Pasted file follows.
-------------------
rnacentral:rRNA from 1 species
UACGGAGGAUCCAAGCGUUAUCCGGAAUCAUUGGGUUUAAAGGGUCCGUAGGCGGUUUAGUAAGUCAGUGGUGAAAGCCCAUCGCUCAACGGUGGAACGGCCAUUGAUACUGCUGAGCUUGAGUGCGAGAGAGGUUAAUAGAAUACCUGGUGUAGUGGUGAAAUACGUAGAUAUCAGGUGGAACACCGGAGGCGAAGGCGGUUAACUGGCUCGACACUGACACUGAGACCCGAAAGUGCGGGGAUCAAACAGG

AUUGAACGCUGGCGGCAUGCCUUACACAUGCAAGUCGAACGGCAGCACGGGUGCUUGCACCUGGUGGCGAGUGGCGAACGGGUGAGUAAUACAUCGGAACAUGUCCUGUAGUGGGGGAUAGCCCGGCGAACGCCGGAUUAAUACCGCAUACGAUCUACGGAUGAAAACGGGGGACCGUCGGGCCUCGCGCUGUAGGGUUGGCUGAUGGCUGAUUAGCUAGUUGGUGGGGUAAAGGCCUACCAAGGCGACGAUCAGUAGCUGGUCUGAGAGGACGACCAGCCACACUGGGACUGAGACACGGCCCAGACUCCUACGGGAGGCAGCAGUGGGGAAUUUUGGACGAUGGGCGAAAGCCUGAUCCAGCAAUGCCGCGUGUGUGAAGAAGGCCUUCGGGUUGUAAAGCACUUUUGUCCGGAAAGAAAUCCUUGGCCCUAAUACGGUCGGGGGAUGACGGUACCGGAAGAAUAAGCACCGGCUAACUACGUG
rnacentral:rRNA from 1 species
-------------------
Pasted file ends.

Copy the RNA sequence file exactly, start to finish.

rnacentral:rRNA from 1 species
UACGGAGGAUCCAAGCGUUAUCCGGAAUCAUUGGGUUUAAAGGGUCCGUAGGCGGUUUAGUAAGUCAGUGGUGAAAGCCCAUCGCUCAACGGUGGAACGGCCAUUGAUACUGCUGAGCUUGAGUGCGAGAGAGGUUAAUAGAAUACCUGGUGUAGUGGUGAAAUACGUAGAUAUCAGGUGGAACACCGGAGGCGAAGGCGGUUAACUGGCUCGACACUGACACUGAGACCCGAAAGUGCGGGGAUCAAACAGG

AUUGAACGCUGGCGGCAUGCCUUACACAUGCAAGUCGAACGGCAGCACGGGUGCUUGCACCUGGUGGCGAGUGGCGAACGGGUGAGUAAUACAUCGGAACAUGUCCUGUAGUGGGGGAUAGCCCGGCGAACGCCGGAUUAAUACCGCAUACGAUCUACGGAUGAAAACGGGGGACCGUCGGGCCUCGCGCUGUAGGGUUGGCUGAUGGCUGAUUAGCUAGUUGGUGGGGUAAAGGCCUACCAAGGCGACGAUCAGUAGCUGGUCUGAGAGGACGACCAGCCACACUGGGACUGAGACACGGCCCAGACUCCUACGGGAGGCAGCAGUGGGGAAUUUUGGACGAUGGGCGAAAGCCUGAUCCAGCAAUGCCGCGUGUGUGAAGAAGGCCUUCGGGUUGUAAAGCACUUUUGUCCGGAAAGAAAUCCUUGGCCCUAAUACGGUCGGGGGAUGACGGUACCGGAAGAAUAAGCACCGGCUAACUACGUG
rnacentral:rRNA from 1 species